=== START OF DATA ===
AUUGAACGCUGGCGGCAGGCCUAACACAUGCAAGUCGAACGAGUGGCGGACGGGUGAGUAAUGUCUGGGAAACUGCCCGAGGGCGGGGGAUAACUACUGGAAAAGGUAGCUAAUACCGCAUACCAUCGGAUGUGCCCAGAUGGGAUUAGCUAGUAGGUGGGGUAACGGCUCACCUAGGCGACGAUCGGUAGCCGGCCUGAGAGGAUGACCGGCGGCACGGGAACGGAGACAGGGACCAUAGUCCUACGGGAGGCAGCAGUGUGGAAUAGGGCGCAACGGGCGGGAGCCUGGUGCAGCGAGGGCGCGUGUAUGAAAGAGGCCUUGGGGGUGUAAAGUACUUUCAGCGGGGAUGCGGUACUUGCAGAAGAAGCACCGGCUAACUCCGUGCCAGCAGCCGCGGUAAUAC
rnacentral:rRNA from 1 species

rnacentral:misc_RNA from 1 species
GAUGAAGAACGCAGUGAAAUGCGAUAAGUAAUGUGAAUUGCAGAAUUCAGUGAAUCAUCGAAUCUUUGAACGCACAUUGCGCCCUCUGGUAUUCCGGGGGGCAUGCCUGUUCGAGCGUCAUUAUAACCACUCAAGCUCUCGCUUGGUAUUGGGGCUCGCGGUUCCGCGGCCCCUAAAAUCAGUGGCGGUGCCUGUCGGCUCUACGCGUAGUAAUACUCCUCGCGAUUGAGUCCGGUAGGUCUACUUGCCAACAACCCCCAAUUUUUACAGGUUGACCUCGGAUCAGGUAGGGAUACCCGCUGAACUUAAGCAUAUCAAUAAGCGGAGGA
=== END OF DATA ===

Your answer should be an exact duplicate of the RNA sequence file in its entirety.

AUUGAACGCUGGCGGCAGGCCUAACACAUGCAAGUCGAACGAGUGGCGGACGGGUGAGUAAUGUCUGGGAAACUGCCCGAGGGCGGGGGAUAACUACUGGAAAAGGUAGCUAAUACCGCAUACCAUCGGAUGUGCCCAGAUGGGAUUAGCUAGUAGGUGGGGUAACGGCUCACCUAGGCGACGAUCGGUAGCCGGCCUGAGAGGAUGACCGGCGGCACGGGAACGGAGACAGGGACCAUAGUCCUACGGGAGGCAGCAGUGUGGAAUAGGGCGCAACGGGCGGGAGCCUGGUGCAGCGAGGGCGCGUGUAUGAAAGAGGCCUUGGGGGUGUAAAGUACUUUCAGCGGGGAUGCGGUACUUGCAGAAGAAGCACCGGCUAACUCCGUGCCAGCAGCCGCGGUAAUAC
rnacentral:rRNA from 1 species

rnacentral:misc_RNA from 1 species
GAUGAAGAACGCAGUGAAAUGCGAUAAGUAAUGUGAAUUGCAGAAUUCAGUGAAUCAUCGAAUCUUUGAACGCACAUUGCGCCCUCUGGUAUUCCGGGGGGCAUGCCUGUUCGAGCGUCAUUAUAACCACUCAAGCUCUCGCUUGGUAUUGGGGCUCGCGGUUCCGCGGCCCCUAAAAUCAGUGGCGGUGCCUGUCGGCUCUACGCGUAGUAAUACUCCUCGCGAUUGAGUCCGGUAGGUCUACUUGCCAACAACCCCCAAUUUUUACAGGUUGACCUCGGAUCAGGUAGGGAUACCCGCUGAACUUAAGCAUAUCAAUAAGCGGAGGA